Olivia Raynor, Ph.D., is the P.I. and Director of the Tarjan Center, a University Center for Excellence in Developmental Disabilities (DD), and Adjunct Professor in the Department of Psychiatry and Biobehavioral Sciences at the Semel Institute, at the University of California Los Angeles (UCLA). Her career spans over 40 years of experience in evaluation, training, and public policy at the individual and system levels that support individuals with disabilities participation in inclusive postsecondary education, integrated competitive employment, the arts, and civic engagement. Dr. Raynor is the P.I. and Director of CECY, The California Employment Consortium for Youth with DD, an alliance of 25 local and state agencies, associations, organizations, families, and self-advocates. CECY’s purpose is to build capacity and partnerships that foster meaningful sustainable changes in the systems that support youth and young adults to achieve employment. She is the founding and current director of the National Arts and Disability Center. Dr. Raynor also serves as the DD consultant to the California Community College Chancellor’s Office and community college system. Dr. Raynor previously served as President of the Association of University Centers on Disabilities and currently serves on the Board. She is a Governor appointed member of the California State Council on Developmental Disabilities. Dr. Raynor holds degrees from Boston University and USC in Occupational Therapy and a doctorate from UCLA in Educational Psychology.

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Kasia Vad, Senior Consultant in the Municipality of Sorø/Sorø Kommune

Kasia Vad holds a master of Political Science and is working as a Senior Consultant in the munici-pality of Sorø. Her main focus is strategic development and policymaking in the areas of social work, psychiatry and disability.

Her current work area is strategic support of top-management, supporting group leaders and sup-porting the boundary spanners (coordinators) in getting case workers and social workers in the mu-nicipality to coordinate and collaborate better, when handling a citizen’s case regarding employment and social issues, as well as other areas that involves development and cooperation across center boundaries. Another work area is planning and project managing for the department of Social and Health in Sorø Kommune as well as presenting cases for political committees.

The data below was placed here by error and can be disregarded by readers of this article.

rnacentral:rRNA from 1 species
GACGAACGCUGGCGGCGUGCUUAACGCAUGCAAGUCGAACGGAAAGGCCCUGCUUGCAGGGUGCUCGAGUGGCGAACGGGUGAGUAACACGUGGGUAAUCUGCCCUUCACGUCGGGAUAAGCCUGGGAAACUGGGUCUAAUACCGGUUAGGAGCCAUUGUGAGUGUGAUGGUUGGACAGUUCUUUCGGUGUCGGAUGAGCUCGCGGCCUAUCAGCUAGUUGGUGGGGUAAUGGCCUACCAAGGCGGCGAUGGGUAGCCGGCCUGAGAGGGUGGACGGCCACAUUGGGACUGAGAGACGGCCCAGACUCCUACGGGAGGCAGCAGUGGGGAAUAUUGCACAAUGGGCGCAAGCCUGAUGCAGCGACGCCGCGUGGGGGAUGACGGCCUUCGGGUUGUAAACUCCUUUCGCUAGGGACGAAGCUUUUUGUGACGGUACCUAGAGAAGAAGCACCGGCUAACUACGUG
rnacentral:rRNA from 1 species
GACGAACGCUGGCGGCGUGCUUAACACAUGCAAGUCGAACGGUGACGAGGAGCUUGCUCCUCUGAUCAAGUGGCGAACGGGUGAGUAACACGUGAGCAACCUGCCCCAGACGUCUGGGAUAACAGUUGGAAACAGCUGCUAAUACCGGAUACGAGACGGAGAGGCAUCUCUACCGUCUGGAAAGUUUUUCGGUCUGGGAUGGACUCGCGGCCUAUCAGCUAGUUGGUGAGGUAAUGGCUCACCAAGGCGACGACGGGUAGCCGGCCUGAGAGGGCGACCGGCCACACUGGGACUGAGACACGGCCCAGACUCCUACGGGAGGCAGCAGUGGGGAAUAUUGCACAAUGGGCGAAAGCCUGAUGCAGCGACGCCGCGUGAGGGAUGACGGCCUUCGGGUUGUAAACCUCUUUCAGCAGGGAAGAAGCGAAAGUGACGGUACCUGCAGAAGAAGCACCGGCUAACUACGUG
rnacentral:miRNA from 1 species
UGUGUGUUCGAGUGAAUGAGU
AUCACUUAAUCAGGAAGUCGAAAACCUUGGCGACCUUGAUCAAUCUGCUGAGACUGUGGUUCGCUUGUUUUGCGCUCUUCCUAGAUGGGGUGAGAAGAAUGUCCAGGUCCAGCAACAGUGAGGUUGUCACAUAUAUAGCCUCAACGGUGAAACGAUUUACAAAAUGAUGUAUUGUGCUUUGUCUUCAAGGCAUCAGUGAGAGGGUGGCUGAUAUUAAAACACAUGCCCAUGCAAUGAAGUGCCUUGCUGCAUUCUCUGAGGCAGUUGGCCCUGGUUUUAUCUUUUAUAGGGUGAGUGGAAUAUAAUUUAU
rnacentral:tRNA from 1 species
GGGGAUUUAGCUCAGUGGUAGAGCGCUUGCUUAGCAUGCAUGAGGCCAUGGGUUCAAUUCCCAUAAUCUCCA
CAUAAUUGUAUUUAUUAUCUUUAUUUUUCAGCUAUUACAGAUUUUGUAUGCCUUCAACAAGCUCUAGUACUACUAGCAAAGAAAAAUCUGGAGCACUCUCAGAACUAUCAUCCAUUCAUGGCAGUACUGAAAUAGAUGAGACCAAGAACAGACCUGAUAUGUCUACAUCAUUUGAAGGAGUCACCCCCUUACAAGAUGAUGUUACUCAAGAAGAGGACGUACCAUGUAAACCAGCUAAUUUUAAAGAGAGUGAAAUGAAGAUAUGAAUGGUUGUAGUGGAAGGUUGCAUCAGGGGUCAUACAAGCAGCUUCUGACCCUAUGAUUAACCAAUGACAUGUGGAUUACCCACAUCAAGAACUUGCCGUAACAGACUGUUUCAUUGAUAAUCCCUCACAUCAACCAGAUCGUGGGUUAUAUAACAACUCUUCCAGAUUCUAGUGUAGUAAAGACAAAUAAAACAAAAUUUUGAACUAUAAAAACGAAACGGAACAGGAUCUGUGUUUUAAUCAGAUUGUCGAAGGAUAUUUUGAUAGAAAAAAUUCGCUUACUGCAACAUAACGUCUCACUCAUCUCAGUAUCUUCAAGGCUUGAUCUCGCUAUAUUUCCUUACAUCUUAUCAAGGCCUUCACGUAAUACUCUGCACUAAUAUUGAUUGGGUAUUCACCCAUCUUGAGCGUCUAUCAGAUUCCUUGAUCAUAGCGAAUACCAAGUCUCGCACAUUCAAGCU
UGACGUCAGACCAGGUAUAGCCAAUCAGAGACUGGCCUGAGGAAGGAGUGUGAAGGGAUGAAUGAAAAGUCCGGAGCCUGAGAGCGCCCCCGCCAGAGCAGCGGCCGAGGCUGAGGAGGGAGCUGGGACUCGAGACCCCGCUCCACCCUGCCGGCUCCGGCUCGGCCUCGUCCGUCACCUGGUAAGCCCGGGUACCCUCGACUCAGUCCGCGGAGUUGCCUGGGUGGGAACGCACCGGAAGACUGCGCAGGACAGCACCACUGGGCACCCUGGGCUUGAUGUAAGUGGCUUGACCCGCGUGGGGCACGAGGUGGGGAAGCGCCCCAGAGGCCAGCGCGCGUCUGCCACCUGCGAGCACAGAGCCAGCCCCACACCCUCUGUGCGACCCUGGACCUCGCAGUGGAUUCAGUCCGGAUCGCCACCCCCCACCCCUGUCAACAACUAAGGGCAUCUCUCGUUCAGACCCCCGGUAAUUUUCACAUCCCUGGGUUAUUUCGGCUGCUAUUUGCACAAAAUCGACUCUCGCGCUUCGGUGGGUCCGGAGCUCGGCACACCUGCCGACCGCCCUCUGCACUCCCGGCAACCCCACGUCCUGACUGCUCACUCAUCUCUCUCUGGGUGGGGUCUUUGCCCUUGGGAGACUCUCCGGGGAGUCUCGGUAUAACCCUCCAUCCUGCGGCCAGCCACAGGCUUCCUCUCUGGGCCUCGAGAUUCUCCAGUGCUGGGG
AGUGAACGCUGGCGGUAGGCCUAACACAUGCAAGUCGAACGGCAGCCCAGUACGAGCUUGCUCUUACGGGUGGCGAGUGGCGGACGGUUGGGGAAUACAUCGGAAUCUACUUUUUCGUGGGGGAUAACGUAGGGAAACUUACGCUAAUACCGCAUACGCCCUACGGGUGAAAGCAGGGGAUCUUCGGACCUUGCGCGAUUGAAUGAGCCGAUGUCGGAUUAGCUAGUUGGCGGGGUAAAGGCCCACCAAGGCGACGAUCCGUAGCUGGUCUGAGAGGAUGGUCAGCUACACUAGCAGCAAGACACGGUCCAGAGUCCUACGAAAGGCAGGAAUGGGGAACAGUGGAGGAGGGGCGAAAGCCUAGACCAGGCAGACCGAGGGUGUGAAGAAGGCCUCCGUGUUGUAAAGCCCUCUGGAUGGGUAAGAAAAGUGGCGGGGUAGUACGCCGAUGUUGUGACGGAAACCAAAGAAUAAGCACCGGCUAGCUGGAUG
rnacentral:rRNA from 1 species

While employed by the municipality of Sorø she was also employed half time, for the period of 2012 – 2015, by the municipality of Slagelse and the Region of Zealand in a project (SPIR) to help create cooperation and coherence between municipal interventions and interventions from Psychiatry West in Region Zealand.
Before she joined the municipality of Sorø in 2007 she has worked as a consultant since 1999 in the Social and Psychiatry Administration in Frederiksborg County, in the Health Secretariat/ psychiatry Team in West Zealand County and in the Social Psychiatric Center, County of West Zealand.

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Jaclyn Youngblood, Program Director, Mayor’s Office of New Urban Mechanics

Jaclyn is a program director in the Mayor’s Office of New Urban Mechanics. She focuses primarily on operations and systems prototypes, aiming to bring delight and a human touch to what can be overwhelming interactions with city agencies. Her work includes supporting Boston Public Schools, exploring the future of food access and equity in Boston, and advocating for safe streets for all Bostonians. Jaclyn brings to her civic innovation experiments a background in leadership development and organizational effectiveness, which she honed supporting nonprofits and small businesses trying to achieve greater scale and impact across the country. Her love for cities (of all sizes) is second only to coffee. (And reading while having coffee.)